- NEW HAMPSHIRE: Lawmakers are considering how to continue allowing a small town to let children use local tax dollars to attend private schools since no public school for grades 5 through 12 is locally available.
- POPE: Pope Francis says school choice is a fundamental right of parents.
- CHARTERS: The Walton Foundation, the nation’s third-largest education-focused philanthropy, is shifting its charter school spending strategy, pulling money from cities such as Chicago and Newark and redirecting funds to what it thinks are more promising environments. Further, 78 percent of parents support having a charter school to open in their neighborhood and the idea of being allowed to attend any public school they want, regardless of school boundaries, finds a new poll.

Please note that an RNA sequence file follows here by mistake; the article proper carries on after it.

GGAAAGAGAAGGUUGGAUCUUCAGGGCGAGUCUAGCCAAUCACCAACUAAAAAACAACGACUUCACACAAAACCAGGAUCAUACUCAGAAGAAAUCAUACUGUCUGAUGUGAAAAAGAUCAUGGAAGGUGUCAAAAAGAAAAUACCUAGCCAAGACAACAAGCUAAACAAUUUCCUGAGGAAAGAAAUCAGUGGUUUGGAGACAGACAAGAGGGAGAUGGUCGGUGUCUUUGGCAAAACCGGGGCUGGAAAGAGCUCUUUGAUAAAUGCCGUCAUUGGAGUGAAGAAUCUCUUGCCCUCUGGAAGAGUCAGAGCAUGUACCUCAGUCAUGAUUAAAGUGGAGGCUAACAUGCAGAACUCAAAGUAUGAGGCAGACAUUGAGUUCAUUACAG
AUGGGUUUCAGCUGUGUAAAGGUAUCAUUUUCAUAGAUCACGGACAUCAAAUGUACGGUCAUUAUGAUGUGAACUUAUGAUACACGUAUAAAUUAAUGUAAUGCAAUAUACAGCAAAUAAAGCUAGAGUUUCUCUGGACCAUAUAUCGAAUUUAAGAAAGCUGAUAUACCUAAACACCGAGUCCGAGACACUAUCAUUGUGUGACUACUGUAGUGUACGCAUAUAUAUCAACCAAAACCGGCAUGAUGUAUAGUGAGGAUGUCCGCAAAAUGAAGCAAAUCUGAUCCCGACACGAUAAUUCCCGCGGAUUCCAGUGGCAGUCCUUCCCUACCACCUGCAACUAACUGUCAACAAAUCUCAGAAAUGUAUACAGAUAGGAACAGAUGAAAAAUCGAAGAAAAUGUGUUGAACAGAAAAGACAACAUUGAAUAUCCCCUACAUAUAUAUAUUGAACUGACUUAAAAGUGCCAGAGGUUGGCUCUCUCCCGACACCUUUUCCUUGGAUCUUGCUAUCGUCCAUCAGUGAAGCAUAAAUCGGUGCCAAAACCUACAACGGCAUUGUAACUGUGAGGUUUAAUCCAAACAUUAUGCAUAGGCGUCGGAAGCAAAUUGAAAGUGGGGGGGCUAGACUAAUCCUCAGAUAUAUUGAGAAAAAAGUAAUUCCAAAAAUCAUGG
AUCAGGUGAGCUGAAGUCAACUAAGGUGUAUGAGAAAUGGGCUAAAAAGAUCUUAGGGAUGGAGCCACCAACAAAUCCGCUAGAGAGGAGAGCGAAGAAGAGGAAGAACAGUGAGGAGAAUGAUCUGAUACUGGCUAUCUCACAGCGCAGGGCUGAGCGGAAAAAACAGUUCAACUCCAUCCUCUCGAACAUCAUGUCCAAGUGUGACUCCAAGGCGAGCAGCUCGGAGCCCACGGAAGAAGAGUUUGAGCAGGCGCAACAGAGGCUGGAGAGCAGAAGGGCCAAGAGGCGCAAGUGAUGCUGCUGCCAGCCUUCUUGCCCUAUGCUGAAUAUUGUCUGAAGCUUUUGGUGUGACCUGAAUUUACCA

- BIAS: A national organization for education reporters features a more than ten-to-one bias in favor of Common Core among the “expert” sources it recommends and features.
- MICHIGAN: A bill to repeal and replace Common Core with Massachusetts’ nation-leading former standards is moving forward in the state legislature.
- WYOMING: The state has dropped national Common Core tests as it seeks a new vendor.
- TENNESSEE: The state has canceled all standardized testing for grades 3 through 8 this spring and fired its testing vendor after a series of disabling technical problems.
- NORTH DAKOTA: The state will rewrite Common Core, says its new superintendent.
- NEW YORK: Private tutors report their clientele has doubled because of Common Core, with parents and children both distressed by wacky math configurations.
- WEST VIRGINIA: An in-state leader explains why a Common Core repeal bill failed to pass during this legislative session.